I’m neither tragic nor hip, but I know a little bit about Canadian icon and band, The Tragically Hip, and specifically, a song of theirs called “Springtime in Vienna.”
I can’t play a musical instrument, but I especially liked listening to a performance of Johann Strauss II’s “An der schönen blauen Donau” (The Blue Danube) on an intercity river catamaran between Vienna and Bratislava.
What I’m totally convinced is when spring comes calling, I’m allergic to nature. I’m a living example to irritation and inflammation, and living consequence to nature’s response to spring.
S is not just for entropy
I can’t say I’m surprised by my body’s reaction, with memories of spring in Heidelberg, Germany from long ago. But I’m surprised by the intensity at which my eyes and nose are “vigorously rebelling” against the different tree and flower pollen throughout Austria.
I suppose one goes about life attempting to accommodate as many things as possible, and then, to remove what’s detrimental, and keep what’s beneficial. Most will say time in nature has clear benefits: physical exertion, social networking (for reals), and fresh air. The first is agreeably necessary, the second is dubious in the age of the mobile’s reach, whereas the third comes with a big qualification. One conclusion I keep coming back to time and time again is that nature in spring is simply a declaration of war on my eyes and nose. What happens next is frankly unseemly when my eyes become collecting centres for thin strands of rheum and my nose becomes an overactive production centre for mucus.
I’ll be all right, and by the time I arrive in the Austrian capital, I learn to accommodate the distraction and lack of sleep. Besides, I understand the coffee’s pretty good here in town. I begin the day with eyedrops and equipped with tissue packets, I’m on another academic pilgrimage, this time to Vienna’s Zentralfriedhof (Central Cemetery).
This piece is also partly about entropy in the branch of physics called statistical mechanics1, and how it’s related in a way to my unstoppable allergies. The concept of entropy is at the very heart of The Second Law of Thermodynamics. Entropy is a measure of a system’s energy that is unavailable for work or of the degree of a system’s disorder; entropy in the universe never decreases. In the 19th-century, scientists such as Ludwig Boltzmann provided a statistical basis to describing entropy. In 1877, Boltzmann defined entropy to be proportional to the logarithm of the number of individual ‘microstates’ occupied by a physical system. For a gas consisting of N particles (typically N is 10^23 or 1 followed by 23 zeros) at room temperature and atmospheric conditions, the number of microstates, W, goes as exp(N) or the exponential of N, which is a staggeringly large number.
After a few minutes of wandering various avenues in the cemetery, I find the grave for Ludwig Boltzmann. Appearing above Boltzmann’s solemn sculpted head is the equation for entropy, S:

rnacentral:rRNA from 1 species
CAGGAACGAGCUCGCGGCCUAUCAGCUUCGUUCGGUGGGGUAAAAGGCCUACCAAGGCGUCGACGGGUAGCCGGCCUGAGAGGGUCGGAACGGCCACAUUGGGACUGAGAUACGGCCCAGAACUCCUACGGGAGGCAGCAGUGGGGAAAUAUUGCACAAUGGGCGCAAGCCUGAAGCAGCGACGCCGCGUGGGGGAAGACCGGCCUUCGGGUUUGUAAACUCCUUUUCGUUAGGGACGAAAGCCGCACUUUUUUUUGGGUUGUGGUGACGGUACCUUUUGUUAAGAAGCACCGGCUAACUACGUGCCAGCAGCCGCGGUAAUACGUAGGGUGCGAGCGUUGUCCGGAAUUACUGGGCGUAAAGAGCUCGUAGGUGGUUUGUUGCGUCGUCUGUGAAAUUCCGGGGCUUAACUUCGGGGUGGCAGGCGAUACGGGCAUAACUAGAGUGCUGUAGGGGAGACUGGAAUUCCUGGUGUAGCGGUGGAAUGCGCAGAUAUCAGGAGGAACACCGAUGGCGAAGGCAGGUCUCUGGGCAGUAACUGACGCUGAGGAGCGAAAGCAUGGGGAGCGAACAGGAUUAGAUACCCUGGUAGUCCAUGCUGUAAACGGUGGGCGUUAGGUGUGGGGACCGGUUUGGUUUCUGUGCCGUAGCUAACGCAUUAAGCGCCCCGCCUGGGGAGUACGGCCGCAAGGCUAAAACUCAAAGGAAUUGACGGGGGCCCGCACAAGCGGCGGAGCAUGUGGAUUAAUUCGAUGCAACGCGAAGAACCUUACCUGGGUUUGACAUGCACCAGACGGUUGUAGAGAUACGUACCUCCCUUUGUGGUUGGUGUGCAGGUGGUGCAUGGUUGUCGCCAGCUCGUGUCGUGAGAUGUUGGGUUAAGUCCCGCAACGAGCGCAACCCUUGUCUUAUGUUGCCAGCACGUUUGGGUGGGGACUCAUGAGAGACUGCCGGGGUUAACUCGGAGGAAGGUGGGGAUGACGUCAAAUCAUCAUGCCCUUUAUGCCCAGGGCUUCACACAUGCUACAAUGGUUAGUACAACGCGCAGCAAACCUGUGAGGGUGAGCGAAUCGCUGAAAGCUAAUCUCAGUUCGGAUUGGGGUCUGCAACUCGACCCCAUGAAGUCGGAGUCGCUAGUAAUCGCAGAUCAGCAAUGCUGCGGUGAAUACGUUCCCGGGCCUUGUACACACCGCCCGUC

This is the Boltzmann entropy equation, familiar to all who encounter thermodynamics and statistical mechanics as part of their physics education.
I imagine S might have once been related to microSTATES, but I believe W is related to the German word for probability: “Wahrscheinlichkeit.” The constant k is now known today as the Boltzmann constant. From a classroom decades ago at Simon Fraser University to standing present-day in a cemetery on the other side of the world, my hand rests on the cool white marble of the grave. Which is then promptly followed by my gusty sneeze.
Not only does S represent entropy, it’s also for Sneezy, Scratchy, and Snotty. I blow my nose for the Nth time, and I leave Boltzmann behind to search for Beethoven, Brahms, and Strauss. I can’t help but think about how my response to spring isn’t abating and how it might not go away. It is after all the delicious affliction of time spent in Europe, this one week in mid-May, in the full bloom of springtime in Vienna.
Arkadenhof, Uni Wien
Boltzmann also appears as a monument in the courtyard arcade at the University of Vienna. The monument caption reads as:
geb(oren) 1844, gest(orben) 1906.
Professor der Mathematik, 1873-1876.
Professor der theoretischen Physik: 1894-1900, 1902-1906.
Born 1844, died 1906.
Professor of mathematics, 1873-1876.
Professor of theoretical physics, 1894-1900 and 1902-1906.
1 Statistical mechanics is a branch of physics where the description of a macroscopic physical system is in terms of the statistics of the motions of the microscopic constituents of the system. In a university-level physics program, ‘stat mech’ is typically introduced as a one-semester course or series of lectures at the sophomore to junior level which follows a one-semester course on thermodynamics.
• “Boltzmann’s Atom” by David Lindley (2001): a review.
I made all images on 16 and 20 May 2018 with a Fujifilm X70 fixed-lens prime. This post appears on Fotoeins Fotografie at fotoeins DOT com as https://wp.me/p1BIdT-bS3.